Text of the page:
ELMONT, N.Y. — Jose Espinoza stood just inside the tunnel at Belmont Park wearing a bright purple sport coat and the dark look of disappointment.
What do you think happened, Jose?
"Different track," said the brother of California Chrome's jockey Victor Espinoza. "Different distance. Different horses."
"The coward's way out," said the sore loser that was California Chrome's co-owner Steve Coburn.
In the end, the Triple Crown drought stretches to 37 years because the Chrome that conquered the Kentucky Derby and the Preakness was no match for the new blood that jumped on the final ride of the classic trail.
Tonalist didn't run in either of the first two legs, yet won the 146th running of the Belmont Stakes before a boisterous crowd at Belmont Park on a glorious Saturday, ending Chrome's bid to become the sport's first Triple Crown winner since 1979.
Commissioner, in his first Triple Crown race of the season, finished second. Medal Count, an eighth-place Kentucky Derby finisher who skipped the Preakness, finished third.
California Chrome, possibly compromised by grabbing his right front quarter as he left the starting gate, wound up in a dead heat for fourth place with Wicked Strong.
"The fresh horses won," said Victor Espinoza.
It is the ninth straight year in which the Belmont winner did not run in the Preakness. Five of the last eight did not run in either the Kentucky Derby or the Preakness.
"It's not fair," said the outspoken Coburn in an emotional post-race rant that amounted to an epic meltdown before a national television audience.
"I'll never see, and I'm 61 years old, another Triple Crown winner in my lifetime because of the way they do this," Coburn said. "It's not fair to these horses that have been in the game since day one.
"(It should be) if you don't make enough points to get into the Kentucky Derby, you can't run in the other two races. It's all or nothing because this is not fair to these horses that have been running their guts out for these people who believe in them.
"This is a coward's way out, in my opinion. This is the coward's way out."
Fair? Who ever said the Triple Crown was fair?
There's never been a requirement that horses had to run in all three legs. It's one of the reasons the Triple Crown remains one of the most difficult accomplishments in all of sports. It's one of the reasons so much respect and admiration is given to the 12 who have pulled it off.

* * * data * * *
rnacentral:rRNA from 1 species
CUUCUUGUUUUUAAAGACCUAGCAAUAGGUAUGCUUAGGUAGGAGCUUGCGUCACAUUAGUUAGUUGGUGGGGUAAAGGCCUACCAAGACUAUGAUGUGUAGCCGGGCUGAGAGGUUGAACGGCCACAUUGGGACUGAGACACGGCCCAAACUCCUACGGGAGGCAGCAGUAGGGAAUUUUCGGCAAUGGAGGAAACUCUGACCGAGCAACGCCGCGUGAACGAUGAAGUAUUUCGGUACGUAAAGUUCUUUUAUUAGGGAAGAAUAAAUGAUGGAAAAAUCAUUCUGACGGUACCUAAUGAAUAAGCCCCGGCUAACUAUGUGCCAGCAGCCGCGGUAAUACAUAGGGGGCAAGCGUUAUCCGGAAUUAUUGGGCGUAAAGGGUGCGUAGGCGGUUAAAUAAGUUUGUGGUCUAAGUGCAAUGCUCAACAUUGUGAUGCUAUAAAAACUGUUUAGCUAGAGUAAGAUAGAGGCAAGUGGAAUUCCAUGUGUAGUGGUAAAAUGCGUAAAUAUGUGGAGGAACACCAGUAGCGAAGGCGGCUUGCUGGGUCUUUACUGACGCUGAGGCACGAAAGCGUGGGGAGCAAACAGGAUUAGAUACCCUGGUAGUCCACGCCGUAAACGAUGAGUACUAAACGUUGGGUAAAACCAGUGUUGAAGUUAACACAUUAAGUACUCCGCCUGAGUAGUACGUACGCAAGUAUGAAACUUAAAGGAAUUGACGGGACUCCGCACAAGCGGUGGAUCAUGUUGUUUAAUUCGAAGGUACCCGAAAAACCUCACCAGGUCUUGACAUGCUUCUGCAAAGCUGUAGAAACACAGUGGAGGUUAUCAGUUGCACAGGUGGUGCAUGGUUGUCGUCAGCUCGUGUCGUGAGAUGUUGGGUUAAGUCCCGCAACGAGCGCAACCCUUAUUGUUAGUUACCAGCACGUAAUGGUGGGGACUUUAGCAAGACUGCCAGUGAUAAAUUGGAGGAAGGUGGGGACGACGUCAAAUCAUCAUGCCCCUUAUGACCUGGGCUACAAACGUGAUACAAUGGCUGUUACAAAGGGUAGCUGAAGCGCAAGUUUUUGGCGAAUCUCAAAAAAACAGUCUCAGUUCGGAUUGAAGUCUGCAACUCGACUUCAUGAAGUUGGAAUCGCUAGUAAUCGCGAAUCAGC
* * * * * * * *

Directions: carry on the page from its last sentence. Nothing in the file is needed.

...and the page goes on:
It's a shame that Coburn's delivery of sour grapes tarnishes what had been a heart-warming story of a couple of work-a-day guys who spun a $10,000 investment into gold.
Tonalist missed the Wood Memorial because of a lung infection, his absence costing him the necessary points to quality for the Kentucky Derby.
Trainer Christophe Clement gave his horse 10 weeks off before winning the Peter Pan at Belmont Park the week between the Derby and the Preakness.
Under the rules, Tonalist had just as much right to run in the Belmont as California Chrome. He proved he possessed the necessary talent.
After three races in five tough weeks, was California Chrome running on empty? No doubt. That's just part of it.
"It's hard on these young horses," said Alan Sherman, the assistant trainer who handled the day-to-day duties. "That's why the Triple Crown is so tough to win. He was just a little wore out, I think."
"I feel like he was a little bit empty," said Victor Espinoza as he trudged up the Belmont tunnel after the race. "I knew as soon as he was coming out of the gate that he wasn't the same."
Art Sherman had an explanation for that. The lead trainer said he believed that Chrome kicked his right front foot with his right rear coming out of the starting gate.
"If he did that," said Billy Gowan, trainer for Ride On Curlin, "then that's a pretty courageous horse to finish fourth like he did."
California Chrome was a courageous Kentucky Derby and Preakness winner who, like 11 other horses in the past 36 years, came up short in the toughest race of all. Different race, different circumstances, different result.
Nearly an hour after the race, California Chrome was led back inside Barn 26, and the door was promptly closed behind him.
And with it, another Triple Crown bid.
John Clay: (859) 231-3226. Email: email@example.com. Twitter: @johnclayiv. Blog: johnclay.bloginky.com.